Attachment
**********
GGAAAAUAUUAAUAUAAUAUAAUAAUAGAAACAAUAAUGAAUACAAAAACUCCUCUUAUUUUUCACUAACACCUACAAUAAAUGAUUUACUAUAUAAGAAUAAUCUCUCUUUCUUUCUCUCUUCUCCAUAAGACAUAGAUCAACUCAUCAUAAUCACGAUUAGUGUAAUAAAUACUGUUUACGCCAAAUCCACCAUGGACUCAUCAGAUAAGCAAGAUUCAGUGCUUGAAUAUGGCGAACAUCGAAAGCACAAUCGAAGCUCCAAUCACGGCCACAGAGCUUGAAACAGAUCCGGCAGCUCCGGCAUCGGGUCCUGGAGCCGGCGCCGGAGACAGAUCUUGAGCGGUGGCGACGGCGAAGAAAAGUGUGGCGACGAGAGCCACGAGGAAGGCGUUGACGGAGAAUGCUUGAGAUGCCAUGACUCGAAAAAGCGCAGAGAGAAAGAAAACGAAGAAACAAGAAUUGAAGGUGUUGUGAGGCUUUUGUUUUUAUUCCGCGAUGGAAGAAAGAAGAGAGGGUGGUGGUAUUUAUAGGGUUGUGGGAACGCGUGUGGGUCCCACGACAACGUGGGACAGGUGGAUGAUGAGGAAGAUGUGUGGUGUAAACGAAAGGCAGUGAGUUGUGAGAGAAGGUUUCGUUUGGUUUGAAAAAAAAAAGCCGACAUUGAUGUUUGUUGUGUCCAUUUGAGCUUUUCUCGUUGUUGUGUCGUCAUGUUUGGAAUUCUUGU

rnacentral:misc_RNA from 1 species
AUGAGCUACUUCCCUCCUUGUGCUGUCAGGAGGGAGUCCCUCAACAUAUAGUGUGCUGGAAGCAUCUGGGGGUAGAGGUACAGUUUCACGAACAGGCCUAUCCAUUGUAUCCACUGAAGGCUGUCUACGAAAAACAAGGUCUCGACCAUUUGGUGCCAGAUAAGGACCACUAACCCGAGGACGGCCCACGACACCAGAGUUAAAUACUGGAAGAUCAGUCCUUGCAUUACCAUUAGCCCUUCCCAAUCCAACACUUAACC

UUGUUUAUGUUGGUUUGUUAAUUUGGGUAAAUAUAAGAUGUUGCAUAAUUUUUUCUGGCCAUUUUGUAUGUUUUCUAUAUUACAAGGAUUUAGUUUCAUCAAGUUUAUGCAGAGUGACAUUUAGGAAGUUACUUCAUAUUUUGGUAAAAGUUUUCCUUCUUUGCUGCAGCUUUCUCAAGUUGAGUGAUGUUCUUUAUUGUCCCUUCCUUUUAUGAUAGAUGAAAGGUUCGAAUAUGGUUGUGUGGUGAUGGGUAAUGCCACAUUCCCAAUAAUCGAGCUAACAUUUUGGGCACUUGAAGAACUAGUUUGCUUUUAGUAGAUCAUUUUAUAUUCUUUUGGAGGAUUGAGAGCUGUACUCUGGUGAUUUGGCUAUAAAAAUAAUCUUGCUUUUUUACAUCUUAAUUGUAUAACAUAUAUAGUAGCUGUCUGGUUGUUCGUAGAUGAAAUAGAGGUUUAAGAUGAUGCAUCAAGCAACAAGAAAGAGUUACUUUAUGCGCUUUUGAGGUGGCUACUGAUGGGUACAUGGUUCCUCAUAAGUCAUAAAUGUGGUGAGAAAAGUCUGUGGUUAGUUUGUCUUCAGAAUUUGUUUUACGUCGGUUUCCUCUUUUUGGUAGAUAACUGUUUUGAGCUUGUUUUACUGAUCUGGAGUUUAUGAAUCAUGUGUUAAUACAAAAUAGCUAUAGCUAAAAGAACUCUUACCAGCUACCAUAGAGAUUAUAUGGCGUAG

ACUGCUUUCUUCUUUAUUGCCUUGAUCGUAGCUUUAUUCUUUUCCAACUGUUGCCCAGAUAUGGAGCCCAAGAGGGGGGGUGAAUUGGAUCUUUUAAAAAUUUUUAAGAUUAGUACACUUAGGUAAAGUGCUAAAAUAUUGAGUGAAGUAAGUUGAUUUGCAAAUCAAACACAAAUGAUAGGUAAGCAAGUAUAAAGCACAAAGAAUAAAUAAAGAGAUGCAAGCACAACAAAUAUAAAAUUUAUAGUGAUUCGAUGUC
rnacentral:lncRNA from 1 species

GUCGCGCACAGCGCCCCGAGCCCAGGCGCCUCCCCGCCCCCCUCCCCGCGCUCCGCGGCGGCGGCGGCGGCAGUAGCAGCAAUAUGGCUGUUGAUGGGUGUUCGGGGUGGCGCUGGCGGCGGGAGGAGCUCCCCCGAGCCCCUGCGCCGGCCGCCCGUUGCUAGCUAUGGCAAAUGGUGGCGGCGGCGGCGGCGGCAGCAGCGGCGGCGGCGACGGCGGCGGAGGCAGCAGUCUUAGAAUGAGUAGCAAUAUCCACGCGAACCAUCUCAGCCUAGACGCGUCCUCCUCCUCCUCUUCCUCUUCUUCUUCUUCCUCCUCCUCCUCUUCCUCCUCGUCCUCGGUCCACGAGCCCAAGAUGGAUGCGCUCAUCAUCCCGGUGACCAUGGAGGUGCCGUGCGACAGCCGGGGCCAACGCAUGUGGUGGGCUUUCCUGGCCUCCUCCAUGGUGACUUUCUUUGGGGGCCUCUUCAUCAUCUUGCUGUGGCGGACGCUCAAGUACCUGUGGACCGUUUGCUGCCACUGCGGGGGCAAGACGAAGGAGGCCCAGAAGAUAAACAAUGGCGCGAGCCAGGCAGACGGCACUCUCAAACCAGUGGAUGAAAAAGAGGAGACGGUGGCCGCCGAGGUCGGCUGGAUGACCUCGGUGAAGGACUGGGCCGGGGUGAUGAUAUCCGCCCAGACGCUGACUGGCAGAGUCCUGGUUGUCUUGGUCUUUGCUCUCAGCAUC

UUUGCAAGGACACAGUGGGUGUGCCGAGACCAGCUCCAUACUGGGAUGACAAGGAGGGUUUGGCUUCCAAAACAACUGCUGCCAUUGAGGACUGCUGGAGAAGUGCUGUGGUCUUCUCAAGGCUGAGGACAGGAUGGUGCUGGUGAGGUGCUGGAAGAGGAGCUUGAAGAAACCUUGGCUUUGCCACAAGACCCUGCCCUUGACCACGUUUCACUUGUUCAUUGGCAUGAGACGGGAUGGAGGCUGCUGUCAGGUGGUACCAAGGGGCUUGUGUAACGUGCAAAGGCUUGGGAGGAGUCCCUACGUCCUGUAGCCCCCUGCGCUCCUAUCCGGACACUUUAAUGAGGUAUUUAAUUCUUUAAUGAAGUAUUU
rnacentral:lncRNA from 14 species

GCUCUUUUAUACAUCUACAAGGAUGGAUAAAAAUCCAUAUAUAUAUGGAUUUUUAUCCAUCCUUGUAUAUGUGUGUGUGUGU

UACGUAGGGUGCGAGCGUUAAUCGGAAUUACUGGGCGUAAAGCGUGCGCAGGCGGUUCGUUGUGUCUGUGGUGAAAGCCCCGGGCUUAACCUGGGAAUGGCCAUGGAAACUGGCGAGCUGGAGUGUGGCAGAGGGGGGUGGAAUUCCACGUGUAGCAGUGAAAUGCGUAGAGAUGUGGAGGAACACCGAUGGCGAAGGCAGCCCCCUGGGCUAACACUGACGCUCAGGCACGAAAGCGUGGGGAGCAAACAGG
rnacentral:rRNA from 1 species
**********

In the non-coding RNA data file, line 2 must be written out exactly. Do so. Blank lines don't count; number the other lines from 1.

rnacentral:misc_RNA from 1 species